The purpose of this article is to explain, in general terms,
what is a Public-Private Partnership (PPP) and its main characteristics. Being this a relatively new model, it is
essential that we not only present a definition but, establish a contrast with
other type of agreements that often tend to be confused with PPP’s. Finally, in order to assist in the overall
understanding of this concept, we will provide an example of a PPP.
A PPP is a contractual agreement between a public sector
agency (the transferor) and a government or non-government entity, the latter
usually called the operator.
Under this contractual agreement, the sector public agency (the
transferor) conveys to an operator the right and related obligation to provide
services using infrastructure or another public asset (a “facility”).
Other features found in this type of agreement are:
public sector agency (the transferor) maintains ownership of the asset that is
used to provide the service.
public sector agency (the transferor) gives the operator the right and
obligation related to the provision of services, in exchange for a significant consideration
(in the form of an initial payment and/or annual payments during the
relation to point 2 above, the PPP is formed to provide a service to citizens.
operator collects and is compensated with fees from third parties.
agreement is for a specific period of time.
operator agrees to return the asset (when the contract ends) in the original or
a better condition than when it was acquired.
Typically, there should be an agreement of improvements to be made during
the life of the contract.
In addition to forming a PPP to offer services to citizens, a
PPP can also be established to build and operate a facility or project
considered a high priority to the government (whether due to the urgency, need,
or convenience of its citizens).
The Puerto Rico Public Alliances Authority is the entity in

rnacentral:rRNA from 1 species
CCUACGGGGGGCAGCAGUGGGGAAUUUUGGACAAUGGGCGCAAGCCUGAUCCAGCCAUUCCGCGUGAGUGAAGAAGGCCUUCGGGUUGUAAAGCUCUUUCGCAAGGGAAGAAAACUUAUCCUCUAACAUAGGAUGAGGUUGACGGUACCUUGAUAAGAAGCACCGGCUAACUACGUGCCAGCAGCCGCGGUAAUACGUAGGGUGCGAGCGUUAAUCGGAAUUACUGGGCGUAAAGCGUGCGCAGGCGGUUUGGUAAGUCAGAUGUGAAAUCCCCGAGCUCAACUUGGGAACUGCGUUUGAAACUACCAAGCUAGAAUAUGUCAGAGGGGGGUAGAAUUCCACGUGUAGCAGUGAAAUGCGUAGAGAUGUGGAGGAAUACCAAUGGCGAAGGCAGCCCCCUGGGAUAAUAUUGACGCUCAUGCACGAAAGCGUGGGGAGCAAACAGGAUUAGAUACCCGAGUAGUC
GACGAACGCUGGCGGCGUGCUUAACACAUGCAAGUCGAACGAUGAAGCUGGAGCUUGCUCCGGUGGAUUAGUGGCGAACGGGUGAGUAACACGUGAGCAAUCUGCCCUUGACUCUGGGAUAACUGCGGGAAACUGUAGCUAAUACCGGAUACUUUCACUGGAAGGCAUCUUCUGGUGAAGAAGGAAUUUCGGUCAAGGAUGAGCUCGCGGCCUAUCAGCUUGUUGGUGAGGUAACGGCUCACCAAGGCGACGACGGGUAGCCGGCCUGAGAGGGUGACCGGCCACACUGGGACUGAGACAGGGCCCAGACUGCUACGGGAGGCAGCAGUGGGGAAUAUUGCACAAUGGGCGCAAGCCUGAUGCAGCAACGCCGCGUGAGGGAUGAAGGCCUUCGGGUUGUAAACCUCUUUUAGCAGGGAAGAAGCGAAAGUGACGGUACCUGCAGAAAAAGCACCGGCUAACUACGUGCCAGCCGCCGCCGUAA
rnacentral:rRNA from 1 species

charge and responsible for implementing the public policy for the establishment
of public-private partnerships in Puerto Rico.
Considering points 1 to 6 (above), it is important not to
confuse a PPP with a lease, a privatization, and/or an external contract
a lease agreement, one of the parties yields to the other the temporary use of
a thing, movable or immovable, for a certain amount of money. Unlike a PPP, in a lease the lessee does not
enter into an agreement with the obligation related to the provision of
services to the public, nor does it give significant consideration (in the form of an initial payment
and/or annual payments) to enter into this type of agreement.
a privatization, the state sells a public good to a private company. In contrast to the PPP, in a privatization
the title of the public good is transferred to the private company.
an external contract arrangement, the relationship between the government and
the contracted entity is like that of a buyer and a seller, and the
arrangements are generally short term (a typical term for this agreement is
“outsourcing”). The risk and
responsibility for the provision of the service remains largely on the
government (the right and obligation related to the provision of services to
the public is not assigned). Typically,
the government can directly compensate the provider of the services (under a PPP,
the public sector agency receives significant consideration in the form of an
initial payment and/or annual payments).
A good example and one that we all know is the PPP of the
Luis Muñoz Marín International Airport (LMMA)
The Puerto Rico Ports Authority (PRPA) was created to manage
all ports and aviation transportation facilities of the Commonwealth of Puerto
Rico. Among the aviation transport
facilities managed by the PRPA is the LMMA.
On July 24, 2012, the PRPA (under a formal written agreement)
granted a non-governmental operator the right to operate, manage, maintain,
improve, develop and rehabilitate the LMMA, and the right to collect and
withhold all fees, charges and income within this facility. The term of the Lease Agreement is forty (40)
years. The PRPA received an initial
payment from the non-governmental operator, and receives and will receive
annual payments throughout the contract period.
If you wish to attain
a better understanding of this topic,
I recommend the accounting statement issued by the Government Accounting
Principles (GASB) Board, which governs this type of transaction GASB No. 60
“Accounting and Financial Reporting for Service Concession Arrangements”, as